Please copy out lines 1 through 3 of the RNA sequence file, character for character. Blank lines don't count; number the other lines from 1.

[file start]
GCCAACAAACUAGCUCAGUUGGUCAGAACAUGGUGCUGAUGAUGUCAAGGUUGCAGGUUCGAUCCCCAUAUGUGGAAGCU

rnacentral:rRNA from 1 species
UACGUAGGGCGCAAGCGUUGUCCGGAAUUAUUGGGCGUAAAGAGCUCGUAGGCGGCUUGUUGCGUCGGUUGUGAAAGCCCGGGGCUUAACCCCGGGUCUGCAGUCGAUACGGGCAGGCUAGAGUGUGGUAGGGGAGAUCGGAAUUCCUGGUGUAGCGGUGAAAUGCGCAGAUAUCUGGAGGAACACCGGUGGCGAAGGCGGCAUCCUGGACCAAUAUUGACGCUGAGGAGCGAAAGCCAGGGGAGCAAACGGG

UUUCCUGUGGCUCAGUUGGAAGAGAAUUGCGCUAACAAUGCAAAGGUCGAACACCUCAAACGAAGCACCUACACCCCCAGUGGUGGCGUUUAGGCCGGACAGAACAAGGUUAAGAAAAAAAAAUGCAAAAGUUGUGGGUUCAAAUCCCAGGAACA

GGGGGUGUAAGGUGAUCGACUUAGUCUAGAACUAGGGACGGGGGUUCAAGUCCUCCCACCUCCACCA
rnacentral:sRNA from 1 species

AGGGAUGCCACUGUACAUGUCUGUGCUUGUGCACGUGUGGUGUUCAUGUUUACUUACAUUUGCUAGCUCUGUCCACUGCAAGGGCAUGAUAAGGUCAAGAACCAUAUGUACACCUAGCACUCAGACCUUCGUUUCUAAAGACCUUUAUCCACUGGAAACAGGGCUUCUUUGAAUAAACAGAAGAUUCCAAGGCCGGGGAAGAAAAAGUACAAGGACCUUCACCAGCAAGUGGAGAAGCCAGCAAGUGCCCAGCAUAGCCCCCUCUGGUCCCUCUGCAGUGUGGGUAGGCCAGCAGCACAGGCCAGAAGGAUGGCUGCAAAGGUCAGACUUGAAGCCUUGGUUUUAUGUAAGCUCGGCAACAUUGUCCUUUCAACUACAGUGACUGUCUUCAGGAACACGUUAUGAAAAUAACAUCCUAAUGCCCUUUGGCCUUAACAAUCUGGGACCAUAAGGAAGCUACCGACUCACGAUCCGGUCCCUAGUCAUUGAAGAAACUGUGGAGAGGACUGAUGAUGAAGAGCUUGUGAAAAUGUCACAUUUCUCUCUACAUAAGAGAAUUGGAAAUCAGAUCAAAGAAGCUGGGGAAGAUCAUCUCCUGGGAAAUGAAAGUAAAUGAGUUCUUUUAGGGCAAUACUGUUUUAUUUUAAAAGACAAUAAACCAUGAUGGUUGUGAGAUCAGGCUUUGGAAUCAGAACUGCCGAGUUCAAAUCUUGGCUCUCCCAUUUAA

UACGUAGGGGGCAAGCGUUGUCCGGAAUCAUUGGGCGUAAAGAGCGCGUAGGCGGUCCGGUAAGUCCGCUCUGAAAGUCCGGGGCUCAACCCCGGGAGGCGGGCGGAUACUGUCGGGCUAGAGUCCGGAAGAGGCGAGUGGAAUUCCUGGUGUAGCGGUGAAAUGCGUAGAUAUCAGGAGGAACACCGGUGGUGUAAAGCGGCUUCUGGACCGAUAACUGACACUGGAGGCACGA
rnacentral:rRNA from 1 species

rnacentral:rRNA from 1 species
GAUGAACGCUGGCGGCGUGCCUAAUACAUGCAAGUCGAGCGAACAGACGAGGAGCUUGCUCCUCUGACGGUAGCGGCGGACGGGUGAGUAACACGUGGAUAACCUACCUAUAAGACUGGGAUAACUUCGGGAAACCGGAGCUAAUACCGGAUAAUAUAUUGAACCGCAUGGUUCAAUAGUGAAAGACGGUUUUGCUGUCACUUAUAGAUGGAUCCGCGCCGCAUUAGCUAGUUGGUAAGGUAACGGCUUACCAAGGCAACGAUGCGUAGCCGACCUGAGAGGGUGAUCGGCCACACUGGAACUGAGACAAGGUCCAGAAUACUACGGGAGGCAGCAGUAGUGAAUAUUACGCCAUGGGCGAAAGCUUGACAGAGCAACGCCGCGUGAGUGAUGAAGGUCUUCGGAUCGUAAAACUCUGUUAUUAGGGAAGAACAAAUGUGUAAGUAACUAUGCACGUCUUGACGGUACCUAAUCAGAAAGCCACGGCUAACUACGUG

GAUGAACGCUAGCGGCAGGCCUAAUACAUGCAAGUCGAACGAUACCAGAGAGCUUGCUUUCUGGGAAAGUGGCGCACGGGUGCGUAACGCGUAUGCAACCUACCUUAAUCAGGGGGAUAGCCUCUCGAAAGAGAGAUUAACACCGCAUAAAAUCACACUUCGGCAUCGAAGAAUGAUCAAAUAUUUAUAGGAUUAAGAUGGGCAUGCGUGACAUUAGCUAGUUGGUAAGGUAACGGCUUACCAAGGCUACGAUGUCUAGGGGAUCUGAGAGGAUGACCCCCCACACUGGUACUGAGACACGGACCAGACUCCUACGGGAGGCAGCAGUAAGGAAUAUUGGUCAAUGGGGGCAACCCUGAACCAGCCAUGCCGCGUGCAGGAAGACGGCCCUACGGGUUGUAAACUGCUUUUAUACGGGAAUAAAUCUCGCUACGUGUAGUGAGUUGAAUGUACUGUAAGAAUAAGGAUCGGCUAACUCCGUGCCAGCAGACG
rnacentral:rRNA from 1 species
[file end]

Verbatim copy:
GCCAACAAACUAGCUCAGUUGGUCAGAACAUGGUGCUGAUGAUGUCAAGGUUGCAGGUUCGAUCCCCAUAUGUGGAAGCU

rnacentral:rRNA from 1 species
UACGUAGGGCGCAAGCGUUGUCCGGAAUUAUUGGGCGUAAAGAGCUCGUAGGCGGCUUGUUGCGUCGGUUGUGAAAGCCCGGGGCUUAACCCCGGGUCUGCAGUCGAUACGGGCAGGCUAGAGUGUGGUAGGGGAGAUCGGAAUUCCUGGUGUAGCGGUGAAAUGCGCAGAUAUCUGGAGGAACACCGGUGGCGAAGGCGGCAUCCUGGACCAAUAUUGACGCUGAGGAGCGAAAGCCAGGGGAGCAAACGGG